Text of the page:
Polaris ATV battery
for used parts, so selling all removed parts.
With the motor controller I am using this motor
has a peak output of 60 HP and 80 ft-lbs of
torque. This is approximately twice the peak HP
and torque of the original engine.
transmission is in a separate housing from the
engine, which is one of the reasons I used
this ATV for conversion. The transmission has
a high and low range plus reverse. I used a
synchronous belt drive system to drive the
input shaft of the transmission from the
traction motor. Works well and is quiet. I
have added a cover for the belt drive since
the photos were taken.
It has a nominal input voltage range of 72-96V,
a 2 minute current rating of 650A, and a 2
minute power rating of 74kVA.
Using miniBMS to monitor batteries. There are
18 cells in an enclosure at the back, 10 cells
in an enclosure within the front of the frame,
and 4 in front of the seat where the fuel tank
This charger is mounted on ATV
This converter is hooked up in parallel with 12V
vehicle battery. It comes on when either the
ignition switch is turned on or the charger is
Top speed is 35mph in low gear and 55-60mph in
an ATV, but I am fairly sure that this
conversion would beat any stock ATV in a drag
race. In low gear it gets to top speed (35mph)
in about 2 seconds.
30 miles of aggressive off-road driving. Likely
would be much higher if driven only on the road
and did not have knobby tires.
Stock dry weight was 700lbs, and based on
weight of components removed and added I
estimate I have added 200lbs. GVWR is
1200lbs, so still well within GVWR after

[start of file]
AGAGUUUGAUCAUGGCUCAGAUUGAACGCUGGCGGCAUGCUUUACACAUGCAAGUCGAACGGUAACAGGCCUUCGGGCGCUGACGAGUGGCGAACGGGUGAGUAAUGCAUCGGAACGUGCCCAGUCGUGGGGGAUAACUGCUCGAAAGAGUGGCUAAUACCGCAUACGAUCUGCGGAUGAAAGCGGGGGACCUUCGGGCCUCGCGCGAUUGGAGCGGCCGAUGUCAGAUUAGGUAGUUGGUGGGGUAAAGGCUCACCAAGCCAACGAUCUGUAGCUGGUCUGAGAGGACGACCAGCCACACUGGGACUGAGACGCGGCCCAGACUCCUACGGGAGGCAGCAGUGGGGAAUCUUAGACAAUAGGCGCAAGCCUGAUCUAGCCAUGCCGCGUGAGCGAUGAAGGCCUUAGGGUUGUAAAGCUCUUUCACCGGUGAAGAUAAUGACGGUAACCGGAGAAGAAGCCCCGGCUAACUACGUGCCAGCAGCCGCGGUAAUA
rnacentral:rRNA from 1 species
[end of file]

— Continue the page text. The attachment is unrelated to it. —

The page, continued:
conversion and with rider. I have put
aftermarket heavy duty springs on the ATV that
some guys use for a firmer ride on a regular
mounted in the front of the machine to allow me to connect
electric implements (like the electric snowblower I built).
I have the controls (on/off, and speed control pot) for this
controller mounted on the ATV headlight pod within easy reach.
The motor and all the battery cells except the 4 under the
original fuel tank are in steel enclosures that I built and are
sealed well enough to withstand washing and immersion in
water while driving. The battery cells in the enclosures are
surrounded by 1/2" of firm sponge rubber to provide some
insulation and impact protection. Watertight cable grips are
used for all wire/cable entry into enclosures.
Since the motor is enclosed, I am using a boat bilge blower
to force air cool the motor within the enclosure. I mounted
three thermostats to the exterior of the motor, which turns
the blower on and increases the blower speed as the motor
I have set up a push button switch (momentary on-off) on
handlebar to allow electronic reverse of controller, which